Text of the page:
Heartworms in dogs are a life-threatening disease. However, there are ways to keep your pet healthy and capitalize on their good health by preventing Heartworm infestation.
To reduce the risks of Heartworms taking up residence in your dog’s lungs, you should visit your vet and learn how to properly administer Heartworm treatment.
Heartworm: The Dog’s Version of Malaria
Heartworm disease is a pretty major condition, caused by long parasites that live in your dog’s heart and lungs. They can grow up to 12 inches. These worms are transmitted to your dog through mosquitoes, which makes it kind of like the dog’s version of malaria. Heartworm can lead to severe heart and lung disease, failure, and even permanent damage.
Canine Heartworm disease is a condition that affects dogs when they are bitten by mosquitos. Heartworms not only harm your pooch, but they can also have an impact on their surroundings. That is why it is a heart-wrenching concern for most pet parents who could not see their dog get cut short or die from having too much of these common parasites.
The one thing you must know about canine Heartworm disease is the fact that your pet will begin to breathe faster and get fatigued when the situation gets worse. This happens because the larvae invade their lungs and cause physical stress and fatigue. However, a preventive medicine like Heartgard chewable for dogs kills the larvae inside the bloodstream and puts a full stop to their growth.
Dog parents do everything possible to protect their canines from common problems that can make them sick, cause them pain, and put their lives at risk. In this regard, one of the most common health problems that dogs have to deal with daily is Heartworms.
Heartworms are small parasites that live in a dog’s pulmonary arteries, lungs, and blood vessels. Each time a mosquito bites an infected dog, it comes into contact with Heartworms. And when it goes for its next meal of non-infected blood, it brings those Heartworms along with it.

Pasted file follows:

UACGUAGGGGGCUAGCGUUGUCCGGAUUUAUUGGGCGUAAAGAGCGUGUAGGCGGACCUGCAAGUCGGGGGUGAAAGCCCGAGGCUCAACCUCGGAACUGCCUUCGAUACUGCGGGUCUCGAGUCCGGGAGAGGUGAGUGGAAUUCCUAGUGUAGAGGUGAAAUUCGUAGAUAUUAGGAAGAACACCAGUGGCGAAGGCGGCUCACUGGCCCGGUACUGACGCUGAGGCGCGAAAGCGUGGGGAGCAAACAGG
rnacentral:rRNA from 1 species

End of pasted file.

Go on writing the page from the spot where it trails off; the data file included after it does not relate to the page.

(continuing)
When the mosquito bites a dog and injects his bloodstream with baby Heartworms, the pup is immediately placed at risk. It stays in his/her body and molt sometimes up to seven times before reaching maturity. It’s not uncommon for an infected dog to host millions of adult Heartworms inside him/her.
Common Symptoms of Heartworm Disease
For the first few months of your dog’s life, Heartworm infection may not be evident. But as a dog parent, you should be aware that the longer it goes untreated; it makes symptoms more likely to occur.
Some common signs of heartworm disease include:
- Heaving after exercise,
- Withdrawal from anything challenging
- Physical fatigue.
However, a sudden blockage of blood will feed the adult Heartworms within a dog’s congested heart. As a result, it will have disastrous effects on your dog’s health and could even end up killing him/her.
Heartworm Disease: The Treatment
The moment your dog tests positive for Heartworm infection, you need to begin treatment immediately. Your dog will receive a Heartworm antigen test, followed by a microfilaria test to confirm the findings of the antigen test.
The next step will be the administration of an injection that is combined with a liquid. You’ll have to wait several hours before administering another needle of the combined solution and taking your dog out for a walk or letting them rest indoors in case they’re still unwell. There are several steps involved when it comes to treating Heartworms, so you must follow each instruction carefully.
Heartworm Disease: The Prevention
It’s best to prevent Heartworm disease before it happens. To keep your dog safe, they should be given a safe and approved Heartworm medication year-round. There are many types of Heartworm medications available. But they can all be separated into three groups:
- The chewable pills
- Topical creams
- And monthly injections
With that being said, Heartworms can be a real pain. But fortunately, there are medications available that can stop the larvae’s growth. Getting rid of the worms can be a gradual process though, especially since Heartworms reproduce by growing larvae inside dogs’ arteries.
When it comes time to eliminate the Heartworms, the dog’s parents need to do everything they can for him/her. Dogs who have few symptoms usually recover quickly, but those with more severe infections tend to take longer.